1. Make a family media plan—a written set of rules and guidelines.Include specifics about time limits, device curfews, guidelines for information not to be accessed or shared on the Internet, as well as consequences for not following house rules.

2. Keep all screens in public spaces and out of bedrooms. Set up an “overnight charging station,” where everyone’s mobile devices are docked for the night and out of reach.

3. Be a role model. Set a good example by curbing your own screen-use time. Replace it with family activities or exercise.

4. Encourage and get involved in physical activities the whole family can enjoy. Go ice skating, cross-country skiing or sledding, or visit a community center for a swim or cardio class.

5. Get outdoors and enjoy the fresh air. Venture out on a family hike, walk to a nearby park or go birdwatching.

6. Teach your kids the nutritional value of food. Encourage healthy snacks and make sure your active family stays well hydrated by drinking plenty of water.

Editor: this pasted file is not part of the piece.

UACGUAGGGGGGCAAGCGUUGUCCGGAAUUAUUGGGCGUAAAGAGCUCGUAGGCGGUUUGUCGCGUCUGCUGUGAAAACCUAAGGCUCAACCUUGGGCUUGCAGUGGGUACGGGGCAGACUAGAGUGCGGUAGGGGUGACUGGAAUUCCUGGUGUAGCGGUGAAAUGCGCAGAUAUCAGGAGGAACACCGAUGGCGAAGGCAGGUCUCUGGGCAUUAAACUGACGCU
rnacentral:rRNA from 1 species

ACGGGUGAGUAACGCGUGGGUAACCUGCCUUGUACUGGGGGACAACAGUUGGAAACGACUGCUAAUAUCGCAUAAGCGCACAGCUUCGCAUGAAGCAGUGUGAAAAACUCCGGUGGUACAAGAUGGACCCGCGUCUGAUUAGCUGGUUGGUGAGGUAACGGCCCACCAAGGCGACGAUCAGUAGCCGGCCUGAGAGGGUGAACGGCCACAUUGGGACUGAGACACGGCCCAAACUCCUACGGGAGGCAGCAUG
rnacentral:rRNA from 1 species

To learn more about PacMed pediatricians, or call for an appointment, 1.888.4PACMED.

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5 Tips to Restore Harmony

1. Evaluate your current work-life balance. Over the course of a week, monitor your daily tasks and activities, and take notes. This will give you a snapshot of your current situation and help you make a plan for moving forward.

2. Use a calendar or to-do list as your personal assistant, to minimize the time you spend running in circles.

3. Move your body. Book a series of “exercise dates” every week.

4. Unplug from technology, especially at dinnertime and at least one hour before going to bed.

5. Prioritize time for rest and recharging. Schedule activities that energize you—and be sure to get a good night’s sleep.

Sometimes we all need a helping hand. If you’re feeling stressed or like your life is out of balance, explore the treatment options provided by our Behavioral Medicine team.

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Soothing Miso Soup

Recipe adapted by Christy Goff, RD, CD

Easy miso soup is full of healing vegetables and probiotics to help ward off winter illness. Any type of miso paste works; yellow or white offer a mellower taste, while red is the boldest, saltiest flavor.